Critic’s Notebook
Avast, Me Critics! Ye Kill the Fun: Critics and the Masses Disagree About Film Choices

Peter Mountain/Walt Disney Pictures
Johnny Depp in “Pirates of the Caribbean: Dead Man’s Chest.” Despite negative reviews, the film earned $136 million in its first weekend.

By A. O. Scott
New York Times
Published: July 18, 2006

Let’s start with a few numbers. At, a Web site that quantifies movie reviews on a 100-point scale, the aggregate score for "Pirates of the Caribbean: Dead Man's Chest" stands at a sodden 54. Metacritic,com, a similar site, crunches the critical prose of the nation’s reviewers and comes up with a numerical grade of 52 out of 100. Even in an era of rampant grade inflation, that’s a solid F.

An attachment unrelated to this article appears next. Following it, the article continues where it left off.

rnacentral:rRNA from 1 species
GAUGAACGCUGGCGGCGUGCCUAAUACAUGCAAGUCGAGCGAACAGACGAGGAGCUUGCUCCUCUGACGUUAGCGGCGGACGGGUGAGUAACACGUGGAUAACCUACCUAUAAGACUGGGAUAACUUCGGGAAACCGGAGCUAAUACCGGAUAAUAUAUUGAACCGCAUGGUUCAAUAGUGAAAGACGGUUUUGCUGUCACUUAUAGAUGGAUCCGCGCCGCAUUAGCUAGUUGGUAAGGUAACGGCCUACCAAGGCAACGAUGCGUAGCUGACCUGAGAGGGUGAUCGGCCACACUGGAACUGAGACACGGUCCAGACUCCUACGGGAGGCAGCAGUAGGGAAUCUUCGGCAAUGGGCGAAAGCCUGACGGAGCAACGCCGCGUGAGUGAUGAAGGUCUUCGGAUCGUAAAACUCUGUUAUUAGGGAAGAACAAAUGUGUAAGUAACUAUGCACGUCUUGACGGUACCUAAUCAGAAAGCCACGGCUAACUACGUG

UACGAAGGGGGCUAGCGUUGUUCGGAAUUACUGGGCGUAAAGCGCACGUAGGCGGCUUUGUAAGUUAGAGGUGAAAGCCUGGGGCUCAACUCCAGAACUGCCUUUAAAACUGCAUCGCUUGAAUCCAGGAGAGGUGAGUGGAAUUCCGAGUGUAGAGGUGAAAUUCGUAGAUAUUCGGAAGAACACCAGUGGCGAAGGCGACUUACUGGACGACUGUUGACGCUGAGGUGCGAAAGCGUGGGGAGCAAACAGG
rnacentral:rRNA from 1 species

Meanwhile, over at, where the daily grosses are tabulated, the second installment in the “Pirates” series, which opened on July 7, plunders onward, trailing broken records in its wake. Its $136 million first-weekend take was the highest three-day tally in history, building on a best-ever $55 million on that Friday, and it is cruising into blockbuster territory at a furious clip. As of this writing, a mere 10 days into its run, the movie has brought in $258.2 million, a hit by any measure.

All of which makes “Dead Man’s Chest” a fascinating sequel — not to “Curse of the Black Pearl,” which inaugurated the franchise three years ago, but to "The Da Vinci Code".
Way back in the early days of the Hollywood summer — the third week in May, to be precise — America’s finest critics trooped into screening rooms in Cannes, Los Angeles, New York and points between, saw Ron Howard's adaptation of Dan Brown’s best seller, and emerged in a fit of collective grouchiness. The movie promptly pocketed some of the biggest opening-weekend grosses in the history of its studio, Sony.